Without a doubt, my favorite part of building our home was the installation of our white oak hardwood flooring. When the first raw board of white oak flooring was put down, I saw the vision in my head come to life.
If you are refinishing or installing hardwoods, your options of types of wood are overwhelming. From engineered to custom site finish, all kinds of varieties of wood and then of course, stains and finishes- it’s a lot! I hope sharing my experience of choosing our white oak hardwoods and the stain we chose helps you narrow it down!
Our Reasons For Choosing White Oak Flooring
I knew from the beginning we would be using white oak flooring. Our builder recommended it, but I did my research too! White oak is one of the more durable hardwoods; it’s harder than other kinds of hardwood (harder meaning more resilient to dents).
Typically before posting photos online I edit them a bit- deepen the saturation to make objects pop, brighten it a bit, etc. I did not edit these photos, so that this would be a true to life look.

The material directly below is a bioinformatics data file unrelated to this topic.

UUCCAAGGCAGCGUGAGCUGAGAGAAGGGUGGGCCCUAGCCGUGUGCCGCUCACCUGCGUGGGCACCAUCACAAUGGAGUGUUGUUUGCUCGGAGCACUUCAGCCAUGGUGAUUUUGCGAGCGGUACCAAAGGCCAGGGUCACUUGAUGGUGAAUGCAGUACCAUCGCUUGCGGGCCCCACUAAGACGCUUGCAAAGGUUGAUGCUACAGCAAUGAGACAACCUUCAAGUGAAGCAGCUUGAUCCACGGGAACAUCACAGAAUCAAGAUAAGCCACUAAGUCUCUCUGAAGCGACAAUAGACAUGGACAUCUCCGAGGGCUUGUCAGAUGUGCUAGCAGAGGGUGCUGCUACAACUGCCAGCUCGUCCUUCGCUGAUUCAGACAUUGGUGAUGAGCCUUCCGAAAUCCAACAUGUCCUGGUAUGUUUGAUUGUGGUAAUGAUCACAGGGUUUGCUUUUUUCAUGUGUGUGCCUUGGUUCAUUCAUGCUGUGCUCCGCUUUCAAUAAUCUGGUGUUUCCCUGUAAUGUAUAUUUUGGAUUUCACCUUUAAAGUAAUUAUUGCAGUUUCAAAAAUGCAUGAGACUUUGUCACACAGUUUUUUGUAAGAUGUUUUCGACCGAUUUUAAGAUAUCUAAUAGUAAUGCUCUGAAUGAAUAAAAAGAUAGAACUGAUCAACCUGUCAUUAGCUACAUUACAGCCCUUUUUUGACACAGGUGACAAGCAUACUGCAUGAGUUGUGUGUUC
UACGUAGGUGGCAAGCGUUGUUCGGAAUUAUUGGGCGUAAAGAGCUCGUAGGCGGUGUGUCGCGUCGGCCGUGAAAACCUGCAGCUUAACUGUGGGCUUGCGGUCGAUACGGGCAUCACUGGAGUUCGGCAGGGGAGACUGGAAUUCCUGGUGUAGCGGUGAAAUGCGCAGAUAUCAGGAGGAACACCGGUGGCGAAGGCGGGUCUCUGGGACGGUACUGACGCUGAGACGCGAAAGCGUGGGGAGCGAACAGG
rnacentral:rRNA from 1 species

Red Oak Vs White Oak Hardwood Flooring
This is a common question when people are refinishing floors they already have. How can I make my red oak floors look like white oak? White oak flooring is similar in some ways to red oak floors. Both are similarly priced, and durable. Red oak was popular for many years, especially during times when certain finishes were trendy.
But white oak flooring takes certain stain colors better than red oak. You can’t make red oak look like white oak, generally speaking.
Red oak has pinkish undertones that will come out if you try to whitewash them, or give them a very light stain. It simply doesn’t take as well to white, gray and darker stain colors. So if you love the trendy colors I just mentioned, listen up!
Most of the photos of modern farmhouses that I had pinned had these amazing whitewashed white oak hardwood flooring with wider planks. I decided we wanted a slightly white washed look, which is hard to pull off with red oak floors!
Budget, Widths & Other Considerations for White Oak Flooring
We would be putting hardwood floors in the entire home, except for the kids’ bedrooms, upstairs bathrooms and playroom. Originally we were envisioning 6″ planks.